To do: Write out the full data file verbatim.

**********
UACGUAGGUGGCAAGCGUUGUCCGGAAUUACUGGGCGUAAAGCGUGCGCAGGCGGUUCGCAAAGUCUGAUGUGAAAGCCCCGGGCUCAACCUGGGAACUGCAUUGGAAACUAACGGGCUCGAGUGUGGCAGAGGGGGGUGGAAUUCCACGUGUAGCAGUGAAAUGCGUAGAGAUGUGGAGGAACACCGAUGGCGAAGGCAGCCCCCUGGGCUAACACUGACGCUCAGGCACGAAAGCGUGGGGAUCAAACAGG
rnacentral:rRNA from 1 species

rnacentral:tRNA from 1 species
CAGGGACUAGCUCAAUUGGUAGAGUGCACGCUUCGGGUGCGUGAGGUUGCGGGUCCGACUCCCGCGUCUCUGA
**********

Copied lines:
UACGUAGGUGGCAAGCGUUGUCCGGAAUUACUGGGCGUAAAGCGUGCGCAGGCGGUUCGCAAAGUCUGAUGUGAAAGCCCCGGGCUCAACCUGGGAACUGCAUUGGAAACUAACGGGCUCGAGUGUGGCAGAGGGGGGUGGAAUUCCACGUGUAGCAGUGAAAUGCGUAGAGAUGUGGAGGAACACCGAUGGCGAAGGCAGCCCCCUGGGCUAACACUGACGCUCAGGCACGAAAGCGUGGGGAUCAAACAGG
rnacentral:rRNA from 1 species

rnacentral:tRNA from 1 species
CAGGGACUAGCUCAAUUGGUAGAGUGCACGCUUCGGGUGCGUGAGGUUGCGGGUCCGACUCCCGCGUCUCUGA